Historical Outline of the Five Civilized Tribes

The Five Civilized Tribes of Indian Territory are of two stocks: the Cherokees of Iroquoian and the Creeks, Seminoles, Choctaws, and Chickasaws of Muskhogean stock. Originally they inhabited contiguous portions of the Atlantic coast in and below Virginia, and claimed westward to the Mississippi river. They present many tribal features peculiar to themselves, and it is to be regretted that not one of these Five Tribes has a written history of any extent. Neither Indian nor white man has been found to preserve a full record of these people, who, since the advent of the whites, have met the conditions of war or requirements of peace with dignity and ability. A vast collection of written material and legend is at hand, and many old Indians of these tribes even now can be found speaking aboriginal languages only, who could contribute much of value in relation to their people.

The local traditions and names of places in the states which were their former homes contain mach to aid a historian. No history of any of the states they originally occupied can be written without ample reference to them. The mountain chains, valleys, rivers, and towns of the southeast bear their names and -will preserve their memory. Pioneer life in the region named was a terror, owing to their warlike raids, and their resistance to encroaching white life and their gradual withdrawal before it have been carried in story and in song and live in the history of the United States. No force of Whites was too strong for them to attack, no distance too great to travel for battle. In the meantime they were noted for keeping their word when once passed, and famous for hospitality when not invaded by armed force. Osceola, Billy Bowlegs, Big Dutch, and their warriors within a century will always be famous. Take in illustration the Creek war of 1813-1814. The Creeks had adopted many of the arts of civilization, when Tecumseh, the Shawnee chief, went among them and urged them to join the northwestern confederation and abandon civilized life. With his great eloquence he pictured the restraints of civilization and the beauties of unrestrained wild life, which they enjoyed prior to the advent of the whites. This war resulted in a loss to the whites of 689 killed and wounded, while 1,300 Creek Indians were killed and thousands wounded. This war broke the back of the Creek confederacy and afterward they were at peace.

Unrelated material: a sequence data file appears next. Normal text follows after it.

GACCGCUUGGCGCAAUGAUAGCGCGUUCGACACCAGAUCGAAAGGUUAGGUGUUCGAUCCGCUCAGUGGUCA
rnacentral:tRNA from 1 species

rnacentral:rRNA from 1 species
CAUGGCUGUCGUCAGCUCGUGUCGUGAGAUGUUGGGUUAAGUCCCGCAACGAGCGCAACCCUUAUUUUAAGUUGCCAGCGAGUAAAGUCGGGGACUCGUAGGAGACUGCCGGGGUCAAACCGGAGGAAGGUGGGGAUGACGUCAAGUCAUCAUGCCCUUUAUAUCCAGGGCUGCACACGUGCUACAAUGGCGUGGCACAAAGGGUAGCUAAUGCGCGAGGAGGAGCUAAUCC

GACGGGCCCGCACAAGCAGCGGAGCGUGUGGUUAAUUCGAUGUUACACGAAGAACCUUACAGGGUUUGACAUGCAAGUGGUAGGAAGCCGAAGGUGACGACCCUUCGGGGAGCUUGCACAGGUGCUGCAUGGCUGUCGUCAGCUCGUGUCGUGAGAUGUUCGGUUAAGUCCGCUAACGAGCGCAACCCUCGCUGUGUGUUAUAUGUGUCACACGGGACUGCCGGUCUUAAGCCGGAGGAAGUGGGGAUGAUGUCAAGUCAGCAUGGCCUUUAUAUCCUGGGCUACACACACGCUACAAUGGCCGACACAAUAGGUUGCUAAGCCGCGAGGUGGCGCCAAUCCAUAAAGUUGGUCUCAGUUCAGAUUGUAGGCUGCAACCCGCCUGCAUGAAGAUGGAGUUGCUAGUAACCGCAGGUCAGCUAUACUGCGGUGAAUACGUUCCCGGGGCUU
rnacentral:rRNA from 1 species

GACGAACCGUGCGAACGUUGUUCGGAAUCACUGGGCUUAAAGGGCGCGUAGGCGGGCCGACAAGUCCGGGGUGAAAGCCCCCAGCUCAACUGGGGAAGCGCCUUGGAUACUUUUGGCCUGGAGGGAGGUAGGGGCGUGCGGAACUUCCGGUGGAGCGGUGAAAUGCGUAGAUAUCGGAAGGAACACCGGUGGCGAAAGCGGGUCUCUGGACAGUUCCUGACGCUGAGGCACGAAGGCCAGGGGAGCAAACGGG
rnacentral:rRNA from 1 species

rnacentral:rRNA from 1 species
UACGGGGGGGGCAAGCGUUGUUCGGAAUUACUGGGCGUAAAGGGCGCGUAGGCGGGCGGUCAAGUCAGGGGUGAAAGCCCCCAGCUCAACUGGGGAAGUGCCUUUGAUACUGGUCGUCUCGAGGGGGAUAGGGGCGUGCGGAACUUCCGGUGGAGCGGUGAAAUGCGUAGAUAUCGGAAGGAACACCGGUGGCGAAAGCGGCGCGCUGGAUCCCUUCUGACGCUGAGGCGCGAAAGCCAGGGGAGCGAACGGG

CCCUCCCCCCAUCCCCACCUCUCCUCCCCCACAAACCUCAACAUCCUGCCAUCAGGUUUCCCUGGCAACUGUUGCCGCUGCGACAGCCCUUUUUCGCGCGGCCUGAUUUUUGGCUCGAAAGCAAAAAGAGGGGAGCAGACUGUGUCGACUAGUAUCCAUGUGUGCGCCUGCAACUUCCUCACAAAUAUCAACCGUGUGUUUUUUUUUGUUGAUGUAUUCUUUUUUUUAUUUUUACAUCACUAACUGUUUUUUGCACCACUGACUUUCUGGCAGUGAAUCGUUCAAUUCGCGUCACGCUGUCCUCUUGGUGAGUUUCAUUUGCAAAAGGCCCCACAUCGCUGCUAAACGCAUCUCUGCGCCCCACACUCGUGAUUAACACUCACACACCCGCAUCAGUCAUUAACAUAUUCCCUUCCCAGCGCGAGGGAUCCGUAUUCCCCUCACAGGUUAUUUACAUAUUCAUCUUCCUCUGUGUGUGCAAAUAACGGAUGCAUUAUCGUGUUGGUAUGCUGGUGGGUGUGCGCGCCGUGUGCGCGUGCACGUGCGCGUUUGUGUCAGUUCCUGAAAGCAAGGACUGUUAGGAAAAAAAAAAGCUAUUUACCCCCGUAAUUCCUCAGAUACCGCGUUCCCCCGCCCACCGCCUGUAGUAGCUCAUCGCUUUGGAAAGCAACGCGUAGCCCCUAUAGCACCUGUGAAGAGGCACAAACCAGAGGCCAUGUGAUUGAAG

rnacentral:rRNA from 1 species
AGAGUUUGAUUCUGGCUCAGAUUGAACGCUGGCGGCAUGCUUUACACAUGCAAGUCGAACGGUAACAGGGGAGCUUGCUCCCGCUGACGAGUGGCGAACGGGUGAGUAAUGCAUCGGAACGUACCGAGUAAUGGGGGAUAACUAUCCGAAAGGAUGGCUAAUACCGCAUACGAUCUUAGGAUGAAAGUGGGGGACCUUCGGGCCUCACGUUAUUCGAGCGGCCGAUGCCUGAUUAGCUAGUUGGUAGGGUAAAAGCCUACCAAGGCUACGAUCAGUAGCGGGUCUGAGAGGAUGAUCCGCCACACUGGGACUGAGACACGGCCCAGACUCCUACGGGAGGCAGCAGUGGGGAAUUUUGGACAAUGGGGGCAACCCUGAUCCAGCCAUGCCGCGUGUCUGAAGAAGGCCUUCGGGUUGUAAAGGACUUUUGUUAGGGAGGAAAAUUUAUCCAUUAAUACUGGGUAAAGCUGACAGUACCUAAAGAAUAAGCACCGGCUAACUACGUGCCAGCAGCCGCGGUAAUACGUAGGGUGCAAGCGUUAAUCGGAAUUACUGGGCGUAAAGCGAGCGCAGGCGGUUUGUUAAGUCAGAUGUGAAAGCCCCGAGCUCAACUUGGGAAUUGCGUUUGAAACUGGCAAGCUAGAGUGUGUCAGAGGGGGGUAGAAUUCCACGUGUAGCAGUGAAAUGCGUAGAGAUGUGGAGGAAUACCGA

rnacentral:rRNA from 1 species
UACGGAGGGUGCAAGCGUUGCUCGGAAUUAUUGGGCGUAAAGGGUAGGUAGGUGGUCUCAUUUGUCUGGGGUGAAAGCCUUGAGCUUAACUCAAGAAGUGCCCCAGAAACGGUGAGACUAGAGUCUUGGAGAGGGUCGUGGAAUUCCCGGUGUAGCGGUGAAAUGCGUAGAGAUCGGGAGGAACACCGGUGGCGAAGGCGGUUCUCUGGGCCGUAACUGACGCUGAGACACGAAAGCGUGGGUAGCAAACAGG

The Seminole war of 1835-1842 is an illustration of the prowess of this people. It required an army of 41,000 whites, under such generals as Scott, Taylor, Gaines, Clinch, and Worth, to subdue this handful of people, who from everglade or forest poured upon them an almost incessant fire. It cost more than $10,000,000. This war was caused by the refusal of the Seminoles to abandon their homes in Florida and remove to lands west of the Mississippi river. The whites suffered a total loss of 765 killed and wounded. Five hundred and forty Indians were killed out of a tribe estimated then at 1,000 all told.

The descendants of those fierce warriors of The Five Tribes are now the best of Indian citizens, and compare favorably with the whites about them in Indian Territory, not showing a trace of their former warlike propensities.

The tribal history, legends, beliefs, customs, and myths of The Five Civilized Tribes would fill volumes. Their traditions of heroes and warriors show the highest human courage and devotion to tribe and country. Their legends, interwoven with descriptions of the beautiful country they occupied, are classic in detail and round out into epics. Their customs were peculiar. Their form of tribal government in many features was entirely original, while useful and bringing contentment to their, people. Their myths, almost oriental in their richness of coloring, exceeded the usual aboriginal imagination.


Department of the Interior. Report on Indians Taxed and Indians not Taxed in the United States, Except Alaska at the Eleventh Census: 1890. Washington DC: Government Printing Office. 1894.

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